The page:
INFORMAL VENTURE CAPITAL MARKET: BUSINESS ANGELS
The informal venture capital market consists of private investors who invest their personal financial resources in new and growing small firms. They are called “informal investors”, or “business angels” (business angels).
Much less is known about this market than about the activities of venture funds. One of the significant differences between venture capital companies and business angels is that the former manage other people’s funds while the latter invest their own funds.
Most business angels are successful entrepreneurs who have significant experience in developing their own business. A smaller part are highly paid specialists in large companies, such as top managers, consultants, lawyers, etc. Continue reading
Russian capital ousts the EU from the banking system of Ukraine
“Let me manage the money of the country, and I don’t care who sets the laws there,” these words of Rothschild are probably the basis of the redistribution on the Ukrainian banking market.
European banks withdraw their capital from Ukraine, offer their subsidiaries for sale or preserve them until better times. Frustrated Europeans sell their daughters much cheaper than they purchased. They are bought by people close to the government of Ukraine and Russia.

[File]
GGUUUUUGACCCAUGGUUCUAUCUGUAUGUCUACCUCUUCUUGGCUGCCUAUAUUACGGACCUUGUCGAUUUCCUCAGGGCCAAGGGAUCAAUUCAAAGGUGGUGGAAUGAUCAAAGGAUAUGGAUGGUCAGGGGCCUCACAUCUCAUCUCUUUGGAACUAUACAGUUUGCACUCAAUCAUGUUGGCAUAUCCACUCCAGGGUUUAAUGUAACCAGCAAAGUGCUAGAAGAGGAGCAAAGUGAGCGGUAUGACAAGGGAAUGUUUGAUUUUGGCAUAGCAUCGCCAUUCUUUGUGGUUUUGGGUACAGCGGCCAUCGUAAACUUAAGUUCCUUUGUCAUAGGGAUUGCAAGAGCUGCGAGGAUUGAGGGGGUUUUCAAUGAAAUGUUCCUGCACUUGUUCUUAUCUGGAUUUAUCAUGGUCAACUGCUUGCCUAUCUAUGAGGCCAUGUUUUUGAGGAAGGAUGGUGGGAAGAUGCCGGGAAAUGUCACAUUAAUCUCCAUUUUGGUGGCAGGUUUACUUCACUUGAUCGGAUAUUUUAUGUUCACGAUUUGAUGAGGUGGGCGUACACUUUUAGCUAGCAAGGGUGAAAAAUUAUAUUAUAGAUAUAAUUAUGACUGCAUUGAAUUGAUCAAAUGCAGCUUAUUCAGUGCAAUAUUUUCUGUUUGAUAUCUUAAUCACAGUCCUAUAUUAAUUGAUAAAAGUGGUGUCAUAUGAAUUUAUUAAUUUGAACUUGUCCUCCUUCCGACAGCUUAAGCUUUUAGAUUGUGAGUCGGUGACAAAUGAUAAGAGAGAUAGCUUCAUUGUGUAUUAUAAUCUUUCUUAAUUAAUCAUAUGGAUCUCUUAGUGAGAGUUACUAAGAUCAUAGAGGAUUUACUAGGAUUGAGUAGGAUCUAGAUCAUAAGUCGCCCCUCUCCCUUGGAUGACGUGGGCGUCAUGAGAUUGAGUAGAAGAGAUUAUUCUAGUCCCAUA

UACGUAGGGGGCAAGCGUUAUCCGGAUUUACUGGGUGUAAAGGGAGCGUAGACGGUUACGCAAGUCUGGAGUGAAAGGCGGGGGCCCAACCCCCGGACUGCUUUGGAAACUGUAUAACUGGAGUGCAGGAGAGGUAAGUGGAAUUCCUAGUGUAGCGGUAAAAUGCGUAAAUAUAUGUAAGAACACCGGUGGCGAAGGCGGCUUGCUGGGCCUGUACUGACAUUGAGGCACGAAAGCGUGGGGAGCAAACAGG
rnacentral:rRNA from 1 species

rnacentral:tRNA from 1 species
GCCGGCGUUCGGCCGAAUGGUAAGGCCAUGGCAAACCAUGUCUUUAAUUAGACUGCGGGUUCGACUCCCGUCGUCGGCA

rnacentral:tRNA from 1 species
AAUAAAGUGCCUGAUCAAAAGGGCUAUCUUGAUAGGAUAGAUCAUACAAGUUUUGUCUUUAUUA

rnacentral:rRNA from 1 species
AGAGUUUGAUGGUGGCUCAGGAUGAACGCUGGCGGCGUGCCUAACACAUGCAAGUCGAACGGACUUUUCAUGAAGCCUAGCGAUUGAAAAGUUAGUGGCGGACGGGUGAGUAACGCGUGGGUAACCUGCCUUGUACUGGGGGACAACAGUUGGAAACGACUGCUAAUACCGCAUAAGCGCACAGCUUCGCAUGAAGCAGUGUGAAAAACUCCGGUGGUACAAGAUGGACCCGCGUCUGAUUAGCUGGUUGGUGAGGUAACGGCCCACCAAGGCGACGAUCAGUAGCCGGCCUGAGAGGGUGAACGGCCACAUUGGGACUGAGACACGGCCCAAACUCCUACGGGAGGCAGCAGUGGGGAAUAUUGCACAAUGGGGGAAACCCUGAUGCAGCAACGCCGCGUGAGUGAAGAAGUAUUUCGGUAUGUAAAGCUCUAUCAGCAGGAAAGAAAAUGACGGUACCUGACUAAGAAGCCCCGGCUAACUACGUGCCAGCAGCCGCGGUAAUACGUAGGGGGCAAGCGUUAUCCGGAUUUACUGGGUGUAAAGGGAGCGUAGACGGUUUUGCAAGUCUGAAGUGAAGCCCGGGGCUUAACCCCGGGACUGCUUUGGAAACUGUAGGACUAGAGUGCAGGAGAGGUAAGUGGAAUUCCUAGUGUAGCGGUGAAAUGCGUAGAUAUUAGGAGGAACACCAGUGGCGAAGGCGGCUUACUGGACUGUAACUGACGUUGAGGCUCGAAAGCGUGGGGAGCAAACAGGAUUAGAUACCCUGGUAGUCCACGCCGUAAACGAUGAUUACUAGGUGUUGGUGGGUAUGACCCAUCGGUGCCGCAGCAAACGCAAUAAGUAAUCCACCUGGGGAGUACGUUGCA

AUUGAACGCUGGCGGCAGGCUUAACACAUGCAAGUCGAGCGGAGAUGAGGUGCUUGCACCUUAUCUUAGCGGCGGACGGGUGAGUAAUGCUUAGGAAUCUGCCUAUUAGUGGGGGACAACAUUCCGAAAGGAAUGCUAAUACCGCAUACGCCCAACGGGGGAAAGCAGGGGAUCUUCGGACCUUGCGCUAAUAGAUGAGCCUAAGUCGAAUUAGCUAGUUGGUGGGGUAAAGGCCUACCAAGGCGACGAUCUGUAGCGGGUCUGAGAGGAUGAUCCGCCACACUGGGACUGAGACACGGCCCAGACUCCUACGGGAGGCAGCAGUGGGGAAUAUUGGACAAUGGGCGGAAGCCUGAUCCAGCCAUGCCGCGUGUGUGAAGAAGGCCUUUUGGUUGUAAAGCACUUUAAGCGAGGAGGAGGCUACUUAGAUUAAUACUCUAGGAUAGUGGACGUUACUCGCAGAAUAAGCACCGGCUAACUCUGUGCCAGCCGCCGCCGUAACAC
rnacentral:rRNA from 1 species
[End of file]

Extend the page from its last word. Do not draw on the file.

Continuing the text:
Since 2008, already 15 foreign banks have stopped working in the Ukrainian market. Only in 2012, seven foreign banks disappeared from Ukraine. According to the Austrian financial group Raiffeisen Bank International AG, the share of foreign banks (except for Russian banks) in the Ukrainian market continues to decline. At the end of 2012, the share was 20%, and within one or two years the share is projected to fall to the level of 2003 – 10%. Continue reading
Opportunities and threats for Russian capital in Ukraine
Recently, the situation around Russian business in Ukraine has been artificially inflated by information in the media about the threat of confiscation of Russian assets in response to the nationalization of Ukraine’s state property in the Crimea. Therefore, the issue of assessing real threats and business opportunities and investing Russian capital in Ukraine is quite relevant.
As it may sound incredible now, in the medium term, for Russian private investors, Ukraine can become an attractive territory for investment. And those who can retain their positions now and benefit from new opportunities that are associated primarily with the upcoming reforms and the influx of Western capital into the economy of Ukraine will benefit. Continue reading